Friday, July 09, 2010

Prosecutors altering charging decisions to avoid Driver Responsibility surcharge

Criticisms of Texas' Driver Responsibility Surcharge arose at a hearing of the Senate Criminal Justice Committee yesterday on DWI policy, and Mike Ward at the Statesman reports ("Overhaul of DWI laws may be coming," July 9) that "much of the criticism came from police and prosecutors — who in years past have championed many of the programs they now say are not working."

Peggy Fikac at the Houston Chronicle ("Houston lawmaker decries hefty DWI surcharge," July 9) wrote that:
[Chairman John] Whitmire, D-Houston, said lawmakers should modify and consider repealing the Driver Responsibility Program, which includes a surcharge of $1,000 annually for three years for first-time driving-while-intoxicated offenders. The many motorists who do not pay face suspension of their driver's licenses, which Whitmire and law officers said means more people on the road without licenses or insurance.
Christy Hoppe at the Dallas News reported ("Texas legislators explore changes to 'broken' drunken driving enforcement," July 9) that the surcharges have resulted in fewer plea deals for DWI:
Witnesses said stiff civil fines and mandatory punishments have prompted those arrested for driving while intoxicated to refuse plea deals and probation that could include treatment and alcohol monitoring. Instead, they are insisting on jury trials.

The result: more expensive prosecutions, a 20 percent drop in conviction rates since 2005, and a court backlog of 125,000 cases.
Further, the hearing addressed some of the unintended consequences of the DRP surcharge as relates to prosecutorial charging decisions. Again from Fikac::
Whitmire said in some cases, prosecutors are recognizing that the surcharges are "a burden they (defendants) can't meet and they're allowing them to plead to something other than DWI."

In Harris County, District Attorney Pat Lykos' office allows one accused of drunken driving for the first time to plead guilty to the DWI offense and get a strict probated sentence in which he receives treatment, performs community service and abides by other conditions, including a lock on his auto ignition that tests for alcohol use before he can drive. If he completes the program successfully, the conviction can be wiped from a motorist's record. That also allows the offender to avoid the surcharge.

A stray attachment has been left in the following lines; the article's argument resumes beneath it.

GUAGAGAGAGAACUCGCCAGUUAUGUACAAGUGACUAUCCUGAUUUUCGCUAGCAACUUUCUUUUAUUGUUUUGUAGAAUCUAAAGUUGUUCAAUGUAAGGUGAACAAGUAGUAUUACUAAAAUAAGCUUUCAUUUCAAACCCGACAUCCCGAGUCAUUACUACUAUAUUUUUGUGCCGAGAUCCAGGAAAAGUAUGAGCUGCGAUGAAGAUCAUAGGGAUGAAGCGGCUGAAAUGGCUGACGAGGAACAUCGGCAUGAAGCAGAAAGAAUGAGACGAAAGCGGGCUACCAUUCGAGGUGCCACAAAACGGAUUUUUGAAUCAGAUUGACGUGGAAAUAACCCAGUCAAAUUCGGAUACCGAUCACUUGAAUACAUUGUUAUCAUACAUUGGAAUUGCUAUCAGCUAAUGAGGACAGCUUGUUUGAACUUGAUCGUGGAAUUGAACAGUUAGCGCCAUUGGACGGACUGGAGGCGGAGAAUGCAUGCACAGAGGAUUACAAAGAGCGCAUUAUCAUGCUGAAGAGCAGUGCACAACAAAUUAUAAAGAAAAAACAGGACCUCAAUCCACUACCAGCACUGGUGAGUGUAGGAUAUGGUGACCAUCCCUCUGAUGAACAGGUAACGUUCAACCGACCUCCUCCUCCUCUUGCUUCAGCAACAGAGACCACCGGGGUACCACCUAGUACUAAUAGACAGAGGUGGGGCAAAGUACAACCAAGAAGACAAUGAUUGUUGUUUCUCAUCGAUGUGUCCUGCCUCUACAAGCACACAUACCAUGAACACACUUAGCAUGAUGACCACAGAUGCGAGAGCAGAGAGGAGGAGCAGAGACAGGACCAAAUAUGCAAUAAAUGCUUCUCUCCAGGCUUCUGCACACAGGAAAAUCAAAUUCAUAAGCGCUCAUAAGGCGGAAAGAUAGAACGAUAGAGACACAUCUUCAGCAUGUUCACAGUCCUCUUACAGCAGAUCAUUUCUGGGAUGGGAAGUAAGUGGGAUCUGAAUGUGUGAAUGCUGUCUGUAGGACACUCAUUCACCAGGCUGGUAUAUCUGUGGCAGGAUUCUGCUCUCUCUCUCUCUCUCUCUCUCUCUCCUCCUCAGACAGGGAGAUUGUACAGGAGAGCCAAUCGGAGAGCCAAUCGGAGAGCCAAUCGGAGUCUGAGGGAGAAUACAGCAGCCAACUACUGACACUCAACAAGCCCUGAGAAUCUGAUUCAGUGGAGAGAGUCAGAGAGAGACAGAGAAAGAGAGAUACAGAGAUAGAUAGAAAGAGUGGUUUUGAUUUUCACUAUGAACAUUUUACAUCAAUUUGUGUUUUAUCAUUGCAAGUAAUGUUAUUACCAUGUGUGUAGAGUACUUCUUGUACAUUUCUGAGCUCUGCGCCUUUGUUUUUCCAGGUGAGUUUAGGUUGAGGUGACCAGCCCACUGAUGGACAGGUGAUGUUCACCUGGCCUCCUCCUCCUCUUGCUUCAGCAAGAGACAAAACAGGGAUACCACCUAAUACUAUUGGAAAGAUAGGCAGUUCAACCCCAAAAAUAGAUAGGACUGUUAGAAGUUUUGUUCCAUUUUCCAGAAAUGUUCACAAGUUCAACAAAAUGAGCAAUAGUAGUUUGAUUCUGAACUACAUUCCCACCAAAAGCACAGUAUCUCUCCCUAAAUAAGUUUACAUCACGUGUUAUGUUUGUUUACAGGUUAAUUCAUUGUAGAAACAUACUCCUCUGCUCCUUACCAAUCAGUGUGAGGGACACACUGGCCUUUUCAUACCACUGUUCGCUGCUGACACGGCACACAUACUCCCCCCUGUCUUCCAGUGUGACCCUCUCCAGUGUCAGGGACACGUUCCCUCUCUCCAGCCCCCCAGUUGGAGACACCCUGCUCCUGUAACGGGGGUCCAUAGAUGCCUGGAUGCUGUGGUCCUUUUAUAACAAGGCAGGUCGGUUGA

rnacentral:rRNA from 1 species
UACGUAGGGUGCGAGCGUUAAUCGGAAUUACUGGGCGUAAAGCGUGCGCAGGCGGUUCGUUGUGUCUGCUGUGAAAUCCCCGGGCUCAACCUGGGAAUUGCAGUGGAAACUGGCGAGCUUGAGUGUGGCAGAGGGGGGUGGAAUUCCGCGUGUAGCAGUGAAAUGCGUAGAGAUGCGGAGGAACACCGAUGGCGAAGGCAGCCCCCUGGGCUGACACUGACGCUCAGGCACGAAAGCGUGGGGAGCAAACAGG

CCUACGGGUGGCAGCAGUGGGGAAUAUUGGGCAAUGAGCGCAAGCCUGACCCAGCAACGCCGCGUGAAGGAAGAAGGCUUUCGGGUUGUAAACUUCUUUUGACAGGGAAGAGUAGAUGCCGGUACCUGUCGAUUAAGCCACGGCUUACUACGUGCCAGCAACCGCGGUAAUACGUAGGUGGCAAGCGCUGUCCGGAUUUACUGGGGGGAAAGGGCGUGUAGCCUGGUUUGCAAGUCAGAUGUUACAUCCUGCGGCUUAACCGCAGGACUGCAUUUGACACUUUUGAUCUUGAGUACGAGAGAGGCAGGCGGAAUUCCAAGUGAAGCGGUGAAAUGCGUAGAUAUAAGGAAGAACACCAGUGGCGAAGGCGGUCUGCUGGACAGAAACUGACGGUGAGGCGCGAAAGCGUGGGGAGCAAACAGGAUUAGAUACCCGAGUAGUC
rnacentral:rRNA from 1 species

"You've got to have a carrot to motivate these people, and you've got to keep the costs down," said Judge Jean Spradling Hughes, of Harris County Criminal Court at Law No. 15. "It doesn't ruin the rest of their life" the way a DWI conviction can, she added.

In Bexar County, District Attorney Susan Reed dealt with a backlog of cases by allowing first-time drunken-driving defendants who meet certain parameters to plead instead to a charge of "obstruction of a highway – intoxication." Defendants must undergo treatment and abide by conditions, including locks on their vehicles.

Reed said her goal was to get to offenders quickly and impose strict requirements because she believes that is the way to keep people from repeat drunken driving: "It's really got teeth in it for trying to stop the behavior." Besides avoiding the surcharge, she said, the absence of a formal DWI charge keeps people from possibly losing their jobs over the matter.

Whitmire voiced concern that allowing such a charge would hide a defendant's first drunken-driving offense, allowing him to avoid enhanced penalties if he offends again.

"We're losing a record of what that person's actual offense is," he said.
Sen. Kel Seliger of Amarillo thinks long DWI sentences may harm taxpayers more than the drunk driver, according to the Statesman's account: